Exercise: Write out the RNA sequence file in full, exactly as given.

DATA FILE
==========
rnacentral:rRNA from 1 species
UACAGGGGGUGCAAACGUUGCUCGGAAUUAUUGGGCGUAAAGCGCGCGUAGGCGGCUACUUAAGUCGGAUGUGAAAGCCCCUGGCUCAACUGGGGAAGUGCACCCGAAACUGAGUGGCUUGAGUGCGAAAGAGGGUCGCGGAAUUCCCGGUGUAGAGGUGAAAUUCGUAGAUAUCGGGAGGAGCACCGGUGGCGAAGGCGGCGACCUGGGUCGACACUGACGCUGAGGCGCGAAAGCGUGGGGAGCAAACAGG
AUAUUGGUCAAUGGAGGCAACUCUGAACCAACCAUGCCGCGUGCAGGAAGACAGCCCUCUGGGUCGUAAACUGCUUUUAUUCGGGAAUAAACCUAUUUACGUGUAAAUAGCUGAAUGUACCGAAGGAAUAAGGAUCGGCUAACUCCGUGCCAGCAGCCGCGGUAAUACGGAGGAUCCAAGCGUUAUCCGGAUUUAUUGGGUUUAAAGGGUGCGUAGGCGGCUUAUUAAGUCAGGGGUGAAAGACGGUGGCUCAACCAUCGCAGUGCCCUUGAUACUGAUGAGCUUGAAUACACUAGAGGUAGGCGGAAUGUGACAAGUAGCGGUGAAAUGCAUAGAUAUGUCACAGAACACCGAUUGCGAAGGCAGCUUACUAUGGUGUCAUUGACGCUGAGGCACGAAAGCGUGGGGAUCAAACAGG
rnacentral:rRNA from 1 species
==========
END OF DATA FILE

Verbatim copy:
rnacentral:rRNA from 1 species
UACAGGGGGUGCAAACGUUGCUCGGAAUUAUUGGGCGUAAAGCGCGCGUAGGCGGCUACUUAAGUCGGAUGUGAAAGCCCCUGGCUCAACUGGGGAAGUGCACCCGAAACUGAGUGGCUUGAGUGCGAAAGAGGGUCGCGGAAUUCCCGGUGUAGAGGUGAAAUUCGUAGAUAUCGGGAGGAGCACCGGUGGCGAAGGCGGCGACCUGGGUCGACACUGACGCUGAGGCGCGAAAGCGUGGGGAGCAAACAGG
AUAUUGGUCAAUGGAGGCAACUCUGAACCAACCAUGCCGCGUGCAGGAAGACAGCCCUCUGGGUCGUAAACUGCUUUUAUUCGGGAAUAAACCUAUUUACGUGUAAAUAGCUGAAUGUACCGAAGGAAUAAGGAUCGGCUAACUCCGUGCCAGCAGCCGCGGUAAUACGGAGGAUCCAAGCGUUAUCCGGAUUUAUUGGGUUUAAAGGGUGCGUAGGCGGCUUAUUAAGUCAGGGGUGAAAGACGGUGGCUCAACCAUCGCAGUGCCCUUGAUACUGAUGAGCUUGAAUACACUAGAGGUAGGCGGAAUGUGACAAGUAGCGGUGAAAUGCAUAGAUAUGUCACAGAACACCGAUUGCGAAGGCAGCUUACUAUGGUGUCAUUGACGCUGAGGCACGAAAGCGUGGGGAUCAAACAGG
rnacentral:rRNA from 1 species